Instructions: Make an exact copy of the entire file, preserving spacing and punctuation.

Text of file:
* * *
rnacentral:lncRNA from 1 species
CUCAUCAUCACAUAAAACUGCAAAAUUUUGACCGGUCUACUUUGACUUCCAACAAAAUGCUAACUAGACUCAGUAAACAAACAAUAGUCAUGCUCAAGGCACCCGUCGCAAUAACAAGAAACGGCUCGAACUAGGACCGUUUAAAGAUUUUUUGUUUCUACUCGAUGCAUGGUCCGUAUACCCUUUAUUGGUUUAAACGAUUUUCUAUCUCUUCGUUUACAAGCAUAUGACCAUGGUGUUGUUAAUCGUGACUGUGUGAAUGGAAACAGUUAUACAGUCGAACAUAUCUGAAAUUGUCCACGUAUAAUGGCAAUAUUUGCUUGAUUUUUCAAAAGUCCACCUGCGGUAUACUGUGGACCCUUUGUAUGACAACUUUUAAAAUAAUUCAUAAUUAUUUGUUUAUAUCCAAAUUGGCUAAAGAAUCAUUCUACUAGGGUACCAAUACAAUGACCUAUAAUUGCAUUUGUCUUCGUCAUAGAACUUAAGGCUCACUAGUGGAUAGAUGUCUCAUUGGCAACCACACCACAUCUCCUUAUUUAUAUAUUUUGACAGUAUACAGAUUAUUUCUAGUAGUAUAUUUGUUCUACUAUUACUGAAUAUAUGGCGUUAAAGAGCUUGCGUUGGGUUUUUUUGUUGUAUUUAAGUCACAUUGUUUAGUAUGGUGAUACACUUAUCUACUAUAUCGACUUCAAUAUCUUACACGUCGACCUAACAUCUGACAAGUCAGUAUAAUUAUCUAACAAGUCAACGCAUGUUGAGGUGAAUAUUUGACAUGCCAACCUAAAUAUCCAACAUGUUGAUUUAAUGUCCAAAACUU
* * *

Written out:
rnacentral:lncRNA from 1 species
CUCAUCAUCACAUAAAACUGCAAAAUUUUGACCGGUCUACUUUGACUUCCAACAAAAUGCUAACUAGACUCAGUAAACAAACAAUAGUCAUGCUCAAGGCACCCGUCGCAAUAACAAGAAACGGCUCGAACUAGGACCGUUUAAAGAUUUUUUGUUUCUACUCGAUGCAUGGUCCGUAUACCCUUUAUUGGUUUAAACGAUUUUCUAUCUCUUCGUUUACAAGCAUAUGACCAUGGUGUUGUUAAUCGUGACUGUGUGAAUGGAAACAGUUAUACAGUCGAACAUAUCUGAAAUUGUCCACGUAUAAUGGCAAUAUUUGCUUGAUUUUUCAAAAGUCCACCUGCGGUAUACUGUGGACCCUUUGUAUGACAACUUUUAAAAUAAUUCAUAAUUAUUUGUUUAUAUCCAAAUUGGCUAAAGAAUCAUUCUACUAGGGUACCAAUACAAUGACCUAUAAUUGCAUUUGUCUUCGUCAUAGAACUUAAGGCUCACUAGUGGAUAGAUGUCUCAUUGGCAACCACACCACAUCUCCUUAUUUAUAUAUUUUGACAGUAUACAGAUUAUUUCUAGUAGUAUAUUUGUUCUACUAUUACUGAAUAUAUGGCGUUAAAGAGCUUGCGUUGGGUUUUUUUGUUGUAUUUAAGUCACAUUGUUUAGUAUGGUGAUACACUUAUCUACUAUAUCGACUUCAAUAUCUUACACGUCGACCUAACAUCUGACAAGUCAGUAUAAUUAUCUAACAAGUCAACGCAUGUUGAGGUGAAUAUUUGACAUGCCAACCUAAAUAUCCAACAUGUUGAUUUAAUGUCCAAAACUU